x linked hydrocephalus newborn photography

L1 & The Pediatric Opthamologist: 16 Weeks Old (Exactly!)

Earlier today, Josh, Kara, Noah, and I loaded up and headed to the pediatric ophthalmologist for the second time in 4 months. First off, I’ll start by saying Kara behaved wonderfully & absolutely loved their play room. She couldn’t have been in a more perfect two-year-old seventh heaven!
  
As for Noah, we had his eyes dilated again and reevaluated from square one. Right now, my child is blind. However, he is not blind in the common practice of only seeing the black dark abyss of nothingness, so keep reading. The good news is that in his good eye, his optic nerve is full and completely in tact. It is excellent. The left eye’s optic nerve is also in tact, but slightly smaller than the right. It is good rather than excellent. The problem lies within his brain. I’m not sure that we were officially diagnosed per say, but it was mentioned that he may have CVI Cortical Vision Impairment in addition today the Cranial Nerve 3 Palsy.  The cranial nerve 3 palsy was diagnosed much this same way, kind of indirectly, which is partially my fault. So there is a chance he’s not old enough to be diagnosed or maybe he already is. I don’t know. He may never see. Or, with vision therapy and home therapy he may improve. I don’t know that either. But, here is what I do know.


  

My research on CVI begins now. Thats the first thing I know! And fortunately, God has blessed me long ago with an online friend who I met online and was fortunate enough to create a real life friendship with back when I lived in Raleigh. She is married to a blind man, and works for the blind school. I thought back then He put us in one another lives for a reason, and possibly part of that reason may be revealing itself now. Lori has been super helpful in the past 4 hours since we learned the news, and super supportive. I am so thankful for her.

  

Basically, Dr. Brown explained it to me like this. There is a TV and a cable box. The TV works. The cable box works. But the LED in the TV went out so we can’t see the picture. Another analogy. We have all the hardware. All the anatomy we need to see, Noah has. We are having a mishap in the software. Somewhere in Noah’s brain, there is a disconnect. With all of us, as we all already know… our eyes pick up data, like pixels on a computer screen. Lots and tons of individual giblets of information. Then, our brain takes these pixels and flips them right-side up so we can see a picture of what we are looking at. For whatever reason, Noah isn’t forming a picture from the bits of information his eyes are finding.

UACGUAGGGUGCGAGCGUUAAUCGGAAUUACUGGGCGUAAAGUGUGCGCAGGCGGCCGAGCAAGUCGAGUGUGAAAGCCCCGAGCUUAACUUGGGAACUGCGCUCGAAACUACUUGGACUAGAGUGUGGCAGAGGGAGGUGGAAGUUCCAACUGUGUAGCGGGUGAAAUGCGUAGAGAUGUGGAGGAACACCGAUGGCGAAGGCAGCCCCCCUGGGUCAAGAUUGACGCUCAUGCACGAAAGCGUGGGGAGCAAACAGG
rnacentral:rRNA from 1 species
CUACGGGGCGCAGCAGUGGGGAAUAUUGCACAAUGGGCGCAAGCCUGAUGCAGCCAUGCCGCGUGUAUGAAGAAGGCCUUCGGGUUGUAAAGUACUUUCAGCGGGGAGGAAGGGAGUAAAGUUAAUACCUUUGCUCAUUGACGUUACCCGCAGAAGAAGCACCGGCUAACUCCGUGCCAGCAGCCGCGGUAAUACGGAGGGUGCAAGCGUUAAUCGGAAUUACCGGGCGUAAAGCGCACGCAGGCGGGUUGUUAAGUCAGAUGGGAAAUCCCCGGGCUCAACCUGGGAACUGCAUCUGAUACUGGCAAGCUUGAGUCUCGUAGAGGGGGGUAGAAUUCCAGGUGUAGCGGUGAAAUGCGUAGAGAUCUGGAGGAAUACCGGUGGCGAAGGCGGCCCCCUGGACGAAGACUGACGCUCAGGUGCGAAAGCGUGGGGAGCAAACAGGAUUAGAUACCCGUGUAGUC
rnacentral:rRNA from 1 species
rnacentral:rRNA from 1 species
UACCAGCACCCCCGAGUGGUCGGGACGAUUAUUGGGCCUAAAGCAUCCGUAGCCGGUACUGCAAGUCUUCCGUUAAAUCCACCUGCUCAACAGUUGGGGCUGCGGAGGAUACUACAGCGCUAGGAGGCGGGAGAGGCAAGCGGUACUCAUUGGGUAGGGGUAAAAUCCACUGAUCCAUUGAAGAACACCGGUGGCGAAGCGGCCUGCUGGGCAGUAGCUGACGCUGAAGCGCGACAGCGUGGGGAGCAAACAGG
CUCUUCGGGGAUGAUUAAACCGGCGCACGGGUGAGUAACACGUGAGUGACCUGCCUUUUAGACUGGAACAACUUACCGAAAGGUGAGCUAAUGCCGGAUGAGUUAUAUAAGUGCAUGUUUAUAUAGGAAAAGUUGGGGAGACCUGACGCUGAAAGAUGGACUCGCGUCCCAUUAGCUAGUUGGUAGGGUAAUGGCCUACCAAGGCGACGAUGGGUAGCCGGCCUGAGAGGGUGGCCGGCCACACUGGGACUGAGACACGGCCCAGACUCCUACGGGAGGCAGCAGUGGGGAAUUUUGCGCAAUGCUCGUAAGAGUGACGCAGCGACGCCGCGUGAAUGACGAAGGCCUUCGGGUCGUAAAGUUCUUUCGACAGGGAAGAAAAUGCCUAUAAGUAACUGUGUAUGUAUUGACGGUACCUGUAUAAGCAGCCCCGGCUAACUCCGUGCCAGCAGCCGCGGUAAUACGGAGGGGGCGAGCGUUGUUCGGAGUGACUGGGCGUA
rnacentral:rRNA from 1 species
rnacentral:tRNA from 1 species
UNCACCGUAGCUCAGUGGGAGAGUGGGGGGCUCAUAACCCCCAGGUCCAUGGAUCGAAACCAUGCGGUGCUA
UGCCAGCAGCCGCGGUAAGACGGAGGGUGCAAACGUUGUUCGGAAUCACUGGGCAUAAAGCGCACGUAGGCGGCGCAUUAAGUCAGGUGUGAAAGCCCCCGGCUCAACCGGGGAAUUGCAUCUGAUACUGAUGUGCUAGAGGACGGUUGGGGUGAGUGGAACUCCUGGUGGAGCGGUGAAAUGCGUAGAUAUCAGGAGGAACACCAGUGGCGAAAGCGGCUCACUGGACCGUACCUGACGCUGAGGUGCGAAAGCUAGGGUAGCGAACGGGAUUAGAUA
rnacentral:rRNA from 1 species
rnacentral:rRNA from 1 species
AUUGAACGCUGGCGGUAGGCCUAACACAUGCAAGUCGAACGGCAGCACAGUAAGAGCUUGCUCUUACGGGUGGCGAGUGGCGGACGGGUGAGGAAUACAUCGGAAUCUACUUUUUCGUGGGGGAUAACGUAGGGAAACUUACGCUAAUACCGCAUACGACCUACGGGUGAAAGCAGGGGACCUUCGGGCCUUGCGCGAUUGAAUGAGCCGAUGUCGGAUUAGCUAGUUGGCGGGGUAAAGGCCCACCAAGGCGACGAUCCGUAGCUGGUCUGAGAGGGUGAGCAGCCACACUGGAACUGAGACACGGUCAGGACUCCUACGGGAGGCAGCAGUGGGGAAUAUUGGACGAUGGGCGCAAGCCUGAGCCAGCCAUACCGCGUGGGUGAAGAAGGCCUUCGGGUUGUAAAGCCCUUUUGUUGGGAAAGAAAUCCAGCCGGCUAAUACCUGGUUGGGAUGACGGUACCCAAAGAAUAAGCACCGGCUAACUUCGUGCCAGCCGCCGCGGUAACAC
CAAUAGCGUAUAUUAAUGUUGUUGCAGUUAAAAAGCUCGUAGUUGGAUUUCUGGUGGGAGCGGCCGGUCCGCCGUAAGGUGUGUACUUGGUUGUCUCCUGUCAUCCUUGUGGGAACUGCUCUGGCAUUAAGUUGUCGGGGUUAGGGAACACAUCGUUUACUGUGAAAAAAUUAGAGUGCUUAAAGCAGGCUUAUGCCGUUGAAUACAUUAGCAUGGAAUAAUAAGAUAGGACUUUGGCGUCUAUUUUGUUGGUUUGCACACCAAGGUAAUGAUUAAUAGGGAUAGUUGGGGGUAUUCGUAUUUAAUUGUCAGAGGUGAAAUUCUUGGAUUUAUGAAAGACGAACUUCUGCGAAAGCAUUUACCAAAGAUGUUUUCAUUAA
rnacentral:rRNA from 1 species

Now, after talking with my other L1 families… there are other L1 babies that are in this exact same boat. From their opinions, sensory activities are more important right now than me stuffing my head full of Braille. That’s harder to hear than the actual news. Sounds dumb, but I don’t care. If I had to learn Braille to “fix” the “problem,” I could click “buy” or “add to cart” and throw in some credit card numbers and “fix” the issue. That’s not the case. HOWEVER, like with Lori, there is a reason God gives you things in life that you don’t realize at the time. Long ago when I worked for the YMCA I taught special needs classes, and now I’m going to be teaching my son. I left the YMCA to nanny two absolutely adorable children that we went to visit last weekend, and so I’ve already researched and learned a LOT about sensory play and activities for children. I based our days around fun play and activities. So, I’ve done a lot of research on sensory play, and that makes me super stoked too! Thank you, Brooke, for letting me nanny your kids for two years! Oh! How they prepared me!
  
As for the surgery that we were/are possibly considering for his Cranial Nerve 3 Palsy is currently put on hold. In our doctor’s words, “that is the least of his problems at this point, and far down the road now with all of this going on now.” As a newborn and when he was examined at 7 weeks, this CVI thing wasn’t a concern or issue. He was too young to know a whole lot. Now that this CVI issue is of concern, it is much more “important” to address than the surgery.

So again, from here….. I research. And research and research. Dr. Brown is a-okay with second opinions and encourages them. We will be starting vision therapy soon; I am to contact the CDSA/Early Intervention tomorrow and set up consultation to get that initiated and going. We appreciate all of the thoughts and prayers all of you have sent us, and am greatful for your words of encouragement and love. Thank you!

Noah’s Story
What is Wrong with Our Baby Boy?
Baby Boy Eagle Has A Name! He’s Born!
My Two Day Old Warrior
Totally In Love, Noah’s Improving at 5 days old
Noah’s Moving On Up
There’s Hope In Progressive
The First of the Setbacks
Back on the Road to Recovery
Slow and Steady Wins the Race
Steps Toward Home
Noah’s First Week Home
The Therapy Journey has Begun
7 Weeks Alive
Noah is Enabled; never DISabled
Noah’s Brain Development
My Little Family

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5 thoughts on “L1 & The Pediatric Opthamologist: 16 Weeks Old (Exactly!)”

  1. Hey! Kudos to you & your beautiful family! My oldest has no vision in his right eye-congenital defect called Morning Glory Disc Anomaly (basically his optic nerve never attached in that eye) + congenital cataract. It is so hard not knowing at such a young age. You will be in my prayers! P.s.’found you through Blog Makeover Challenge!

    1. I’ve actually heard of that; another follower said her son had it so I did a little research. It is hard, but it is so humbling and reminds us daily what we take for granted! Thank you for all of your prayer!

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